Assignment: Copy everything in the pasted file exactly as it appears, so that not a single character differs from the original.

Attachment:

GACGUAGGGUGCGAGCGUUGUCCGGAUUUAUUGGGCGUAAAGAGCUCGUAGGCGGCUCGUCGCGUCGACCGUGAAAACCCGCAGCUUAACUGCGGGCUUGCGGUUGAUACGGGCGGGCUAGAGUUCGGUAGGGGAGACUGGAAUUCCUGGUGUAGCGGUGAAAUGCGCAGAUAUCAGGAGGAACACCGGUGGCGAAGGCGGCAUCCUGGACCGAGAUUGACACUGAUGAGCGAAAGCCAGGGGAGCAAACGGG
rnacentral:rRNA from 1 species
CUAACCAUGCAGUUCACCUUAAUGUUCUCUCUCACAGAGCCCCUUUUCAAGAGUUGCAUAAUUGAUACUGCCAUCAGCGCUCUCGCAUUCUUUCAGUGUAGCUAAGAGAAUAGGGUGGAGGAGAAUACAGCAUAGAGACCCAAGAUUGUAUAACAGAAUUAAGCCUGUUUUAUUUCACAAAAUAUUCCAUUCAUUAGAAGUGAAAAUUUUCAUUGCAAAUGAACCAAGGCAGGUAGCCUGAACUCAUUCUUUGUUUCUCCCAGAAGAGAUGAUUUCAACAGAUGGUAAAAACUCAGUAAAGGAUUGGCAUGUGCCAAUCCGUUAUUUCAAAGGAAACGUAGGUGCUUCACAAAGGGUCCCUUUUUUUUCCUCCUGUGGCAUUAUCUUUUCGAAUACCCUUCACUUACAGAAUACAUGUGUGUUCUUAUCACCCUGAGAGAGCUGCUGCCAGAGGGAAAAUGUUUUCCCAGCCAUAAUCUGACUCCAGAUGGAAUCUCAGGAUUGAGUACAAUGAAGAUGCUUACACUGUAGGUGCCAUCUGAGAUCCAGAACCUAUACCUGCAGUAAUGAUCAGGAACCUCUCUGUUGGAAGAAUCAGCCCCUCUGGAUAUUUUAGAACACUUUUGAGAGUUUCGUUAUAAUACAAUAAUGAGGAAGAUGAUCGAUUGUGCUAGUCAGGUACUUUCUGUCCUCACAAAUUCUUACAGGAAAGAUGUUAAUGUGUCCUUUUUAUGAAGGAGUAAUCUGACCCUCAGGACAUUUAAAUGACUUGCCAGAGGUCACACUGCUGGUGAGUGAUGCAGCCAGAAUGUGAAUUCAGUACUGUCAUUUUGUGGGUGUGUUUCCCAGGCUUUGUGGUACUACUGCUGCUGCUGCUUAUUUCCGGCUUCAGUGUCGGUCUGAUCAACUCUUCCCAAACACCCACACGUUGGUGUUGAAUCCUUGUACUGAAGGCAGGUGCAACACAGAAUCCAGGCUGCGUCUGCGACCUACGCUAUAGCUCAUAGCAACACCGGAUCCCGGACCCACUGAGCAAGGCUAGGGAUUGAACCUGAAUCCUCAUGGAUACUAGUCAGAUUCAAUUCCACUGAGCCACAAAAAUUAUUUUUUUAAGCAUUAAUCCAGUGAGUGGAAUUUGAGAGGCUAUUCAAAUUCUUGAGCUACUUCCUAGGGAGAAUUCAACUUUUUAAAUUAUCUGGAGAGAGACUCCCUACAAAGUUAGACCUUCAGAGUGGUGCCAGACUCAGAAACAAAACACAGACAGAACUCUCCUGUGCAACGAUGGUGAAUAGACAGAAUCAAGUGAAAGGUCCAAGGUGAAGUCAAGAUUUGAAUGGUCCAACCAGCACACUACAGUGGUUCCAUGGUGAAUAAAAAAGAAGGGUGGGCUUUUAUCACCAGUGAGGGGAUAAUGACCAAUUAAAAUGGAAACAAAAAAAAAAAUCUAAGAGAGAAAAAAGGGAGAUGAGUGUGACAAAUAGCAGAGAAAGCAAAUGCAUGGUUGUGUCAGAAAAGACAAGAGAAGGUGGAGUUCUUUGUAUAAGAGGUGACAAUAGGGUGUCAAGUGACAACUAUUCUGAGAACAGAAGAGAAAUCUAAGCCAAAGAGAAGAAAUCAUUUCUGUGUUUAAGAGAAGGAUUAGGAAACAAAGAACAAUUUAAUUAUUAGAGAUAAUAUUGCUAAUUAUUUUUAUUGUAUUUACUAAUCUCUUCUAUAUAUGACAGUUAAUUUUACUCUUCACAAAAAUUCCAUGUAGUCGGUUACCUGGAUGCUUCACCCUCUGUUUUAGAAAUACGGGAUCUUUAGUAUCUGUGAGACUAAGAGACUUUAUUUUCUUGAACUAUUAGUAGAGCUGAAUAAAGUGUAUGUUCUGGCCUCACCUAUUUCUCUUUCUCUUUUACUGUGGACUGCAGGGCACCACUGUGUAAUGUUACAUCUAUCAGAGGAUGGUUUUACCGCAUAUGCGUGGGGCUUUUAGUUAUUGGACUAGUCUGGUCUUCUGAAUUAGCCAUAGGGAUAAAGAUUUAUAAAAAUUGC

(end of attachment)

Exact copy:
GACGUAGGGUGCGAGCGUUGUCCGGAUUUAUUGGGCGUAAAGAGCUCGUAGGCGGCUCGUCGCGUCGACCGUGAAAACCCGCAGCUUAACUGCGGGCUUGCGGUUGAUACGGGCGGGCUAGAGUUCGGUAGGGGAGACUGGAAUUCCUGGUGUAGCGGUGAAAUGCGCAGAUAUCAGGAGGAACACCGGUGGCGAAGGCGGCAUCCUGGACCGAGAUUGACACUGAUGAGCGAAAGCCAGGGGAGCAAACGGG
rnacentral:rRNA from 1 species
CUAACCAUGCAGUUCACCUUAAUGUUCUCUCUCACAGAGCCCCUUUUCAAGAGUUGCAUAAUUGAUACUGCCAUCAGCGCUCUCGCAUUCUUUCAGUGUAGCUAAGAGAAUAGGGUGGAGGAGAAUACAGCAUAGAGACCCAAGAUUGUAUAACAGAAUUAAGCCUGUUUUAUUUCACAAAAUAUUCCAUUCAUUAGAAGUGAAAAUUUUCAUUGCAAAUGAACCAAGGCAGGUAGCCUGAACUCAUUCUUUGUUUCUCCCAGAAGAGAUGAUUUCAACAGAUGGUAAAAACUCAGUAAAGGAUUGGCAUGUGCCAAUCCGUUAUUUCAAAGGAAACGUAGGUGCUUCACAAAGGGUCCCUUUUUUUUCCUCCUGUGGCAUUAUCUUUUCGAAUACCCUUCACUUACAGAAUACAUGUGUGUUCUUAUCACCCUGAGAGAGCUGCUGCCAGAGGGAAAAUGUUUUCCCAGCCAUAAUCUGACUCCAGAUGGAAUCUCAGGAUUGAGUACAAUGAAGAUGCUUACACUGUAGGUGCCAUCUGAGAUCCAGAACCUAUACCUGCAGUAAUGAUCAGGAACCUCUCUGUUGGAAGAAUCAGCCCCUCUGGAUAUUUUAGAACACUUUUGAGAGUUUCGUUAUAAUACAAUAAUGAGGAAGAUGAUCGAUUGUGCUAGUCAGGUACUUUCUGUCCUCACAAAUUCUUACAGGAAAGAUGUUAAUGUGUCCUUUUUAUGAAGGAGUAAUCUGACCCUCAGGACAUUUAAAUGACUUGCCAGAGGUCACACUGCUGGUGAGUGAUGCAGCCAGAAUGUGAAUUCAGUACUGUCAUUUUGUGGGUGUGUUUCCCAGGCUUUGUGGUACUACUGCUGCUGCUGCUUAUUUCCGGCUUCAGUGUCGGUCUGAUCAACUCUUCCCAAACACCCACACGUUGGUGUUGAAUCCUUGUACUGAAGGCAGGUGCAACACAGAAUCCAGGCUGCGUCUGCGACCUACGCUAUAGCUCAUAGCAACACCGGAUCCCGGACCCACUGAGCAAGGCUAGGGAUUGAACCUGAAUCCUCAUGGAUACUAGUCAGAUUCAAUUCCACUGAGCCACAAAAAUUAUUUUUUUAAGCAUUAAUCCAGUGAGUGGAAUUUGAGAGGCUAUUCAAAUUCUUGAGCUACUUCCUAGGGAGAAUUCAACUUUUUAAAUUAUCUGGAGAGAGACUCCCUACAAAGUUAGACCUUCAGAGUGGUGCCAGACUCAGAAACAAAACACAGACAGAACUCUCCUGUGCAACGAUGGUGAAUAGACAGAAUCAAGUGAAAGGUCCAAGGUGAAGUCAAGAUUUGAAUGGUCCAACCAGCACACUACAGUGGUUCCAUGGUGAAUAAAAAAGAAGGGUGGGCUUUUAUCACCAGUGAGGGGAUAAUGACCAAUUAAAAUGGAAACAAAAAAAAAAAUCUAAGAGAGAAAAAAGGGAGAUGAGUGUGACAAAUAGCAGAGAAAGCAAAUGCAUGGUUGUGUCAGAAAAGACAAGAGAAGGUGGAGUUCUUUGUAUAAGAGGUGACAAUAGGGUGUCAAGUGACAACUAUUCUGAGAACAGAAGAGAAAUCUAAGCCAAAGAGAAGAAAUCAUUUCUGUGUUUAAGAGAAGGAUUAGGAAACAAAGAACAAUUUAAUUAUUAGAGAUAAUAUUGCUAAUUAUUUUUAUUGUAUUUACUAAUCUCUUCUAUAUAUGACAGUUAAUUUUACUCUUCACAAAAAUUCCAUGUAGUCGGUUACCUGGAUGCUUCACCCUCUGUUUUAGAAAUACGGGAUCUUUAGUAUCUGUGAGACUAAGAGACUUUAUUUUCUUGAACUAUUAGUAGAGCUGAAUAAAGUGUAUGUUCUGGCCUCACCUAUUUCUCUUUCUCUUUUACUGUGGACUGCAGGGCACCACUGUGUAAUGUUACAUCUAUCAGAGGAUGGUUUUACCGCAUAUGCGUGGGGCUUUUAGUUAUUGGACUAGUCUGGUCUUCUGAAUUAGCCAUAGGGAUAAAGAUUUAUAAAAAUUGC